Back in March, the Vanguard reported on the rise of dorm-living and co-living spaces for professions (see: Analysis: Dorm Living for Professionals). The article came at a time when critics of various apartment complex proposals around town have claimed that these are “mega-dorms” and their structure makes them poorly suited for workers or families.
At the time, we reported that the critics were ignoring changes that have occurred in the structure of housing, as changes have emerged in a number of markets to accommodate the unaffordability of rent in many locations.
A March 4 article in the New York Times notes: “In search of reasonable rent, the middle-class backbone of San Francisco — maitre d’s, teachers, bookstore managers, lounge musicians, copywriters and merchandise planners — are engaging in an unusual experiment in communal living: They are moving into dorms.”
Today’s Sacramento Bee reports a development that would have dorm-like housing for young Capitol dome workers. (See: Developer proposes dorm-like downtown housing for young Capitol dome workers).
The Bee reports: “A Sacramento developer noted for risk-taking said this week she plans to build a high-rise apartment and hotel project a block from the Capitol with an unusual twist: One floor of the proposed 15-story structure at 10th and K streets would consist of dorm-like housing units.”
The units would potentially house about 64 or more Capitol staffers and student legislative fellowship program participants, people that “typically doesn’t make enough money to afford Sacramento’s soaring downtown rents.”
Nikky Mohanna said that her project, which she calls 10K, would also add about 186 regular apartments. These would be separate from the co-living floor. The project would also include a four-star hotel with 200 rooms and ground-floor retail.
The Bee reports that this is her second “unconventional downtown development” project. She is currently constructing an 11-story apartment building at 19th and J that has “micro” studio units which are aimed at millennials with rents at less than $1000 per month.
She told the paper that “the co-living portion of the 10th and K project is a work in progress, making it too early to say what rents will go for. The design likely will involve group apartments that can house two to four young workers in private rooms; they would share a kitchen and bathroom. The floor would have group lounge areas that can act as communal living rooms.
“We want to make it a fun environment that students and young professionals are going to appreciate,” she said. “We have a difficult situation in Sacramento where people can’t afford housing, and we need to come up with innovative ideas to solve that.”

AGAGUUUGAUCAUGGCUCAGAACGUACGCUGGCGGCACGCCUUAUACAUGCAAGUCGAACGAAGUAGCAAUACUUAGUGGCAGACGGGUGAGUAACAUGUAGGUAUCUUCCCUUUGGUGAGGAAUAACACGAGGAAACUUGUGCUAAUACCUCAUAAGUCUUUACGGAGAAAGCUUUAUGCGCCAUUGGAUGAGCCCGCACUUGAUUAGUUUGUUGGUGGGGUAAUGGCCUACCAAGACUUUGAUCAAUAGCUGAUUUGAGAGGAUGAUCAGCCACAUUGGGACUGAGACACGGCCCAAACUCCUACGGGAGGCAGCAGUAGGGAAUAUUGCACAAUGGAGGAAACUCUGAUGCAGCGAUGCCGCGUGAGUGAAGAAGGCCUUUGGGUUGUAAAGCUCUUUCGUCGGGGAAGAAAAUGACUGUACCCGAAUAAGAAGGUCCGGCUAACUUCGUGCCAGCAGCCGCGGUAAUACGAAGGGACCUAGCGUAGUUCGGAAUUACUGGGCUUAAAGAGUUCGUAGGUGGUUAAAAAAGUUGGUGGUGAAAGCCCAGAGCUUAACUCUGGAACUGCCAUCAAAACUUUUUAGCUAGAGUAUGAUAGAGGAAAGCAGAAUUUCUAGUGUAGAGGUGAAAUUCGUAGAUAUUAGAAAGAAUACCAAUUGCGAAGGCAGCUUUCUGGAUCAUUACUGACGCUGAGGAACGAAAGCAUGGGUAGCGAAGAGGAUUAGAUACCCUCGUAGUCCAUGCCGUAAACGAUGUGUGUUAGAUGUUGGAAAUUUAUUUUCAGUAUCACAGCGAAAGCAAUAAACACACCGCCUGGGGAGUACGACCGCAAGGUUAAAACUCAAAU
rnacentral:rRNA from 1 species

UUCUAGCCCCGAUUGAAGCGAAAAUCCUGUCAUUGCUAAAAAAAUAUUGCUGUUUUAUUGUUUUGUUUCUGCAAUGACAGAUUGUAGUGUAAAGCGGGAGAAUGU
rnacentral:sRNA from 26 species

The Bee article notes that similar co-living projects have been launched in other major cities like San Francisco, Seattle and New York, but this would be the first in Sacramento.
The project as a whole offers “multifunctional urban density and inclusive growth we need in the core of our city,” she wrote in a press statement.
The Bee said Capitol spokesperson Kevin Liao noted that this is something much needed by other young staffers, many of whom are making only $30,000 to $40,000 a year.
He said, “Promoting these units as affordable for fellows and young staffers is one thing; for them to actually to make financial sense for a staffer making $30,000 or 40,000 a year is much more difficult to achieve.”
The need for alternative living space has been made repeatedly on the Vanguard over the last few years. Many have criticized the student apartment proposals and developments as focusing too much on students with their four- and five-bedroom apartment configuration.
But many experts have pointed out there is no reason even a four-bedroom/four-bathroom apartment couldn’t be re-configured to serve families if need be.
For workers, a dorm-structured housing arrangement could work quite well.
This was a point that Sean Raycraft attempted to make in his December Vanguard article, “What’s So Bad About Shared Housing.”
Mr. Raycraft argued, “Recent efforts and rhetoric by some in town would have you believe the interests of students are divergent from those of young families, working poor folks and other groups of renters. It’s a divide and conquer strategy, that I hope fails. Renters are at the end of the day… renters. Improving the rental market as a whole will improve conditions for everyone who rents in town.”
As he pointed out, “Who is to say that a 25-year-old retail worker could not rent one of those rooms in a four-bedroom suite with a common living area?”
He argued, “The point is that while a shared space style of living isn’t exactly traditional, it by no means is exclusionary by design. In fact, similar communal living situations are happening right now, all over Davis. When four or five friends get together and sign the lease on a rental house for a year, they will usually get their own room, often with a lock on it, obviously with shared living spaces.
“While the living situation was not always perfect, it was a way for us to share space, and thrive in Davis,” he said.
As the New York Times article from earlier this year points out, these professional dorms are not just serving people in their twenties. The reality is that the cost of housing is pushing many people out of these locations. Co-living spaces are a way to make some of them pencil out financially.
The Sacramento examples are only the latest.
—David M. Greenwald reporting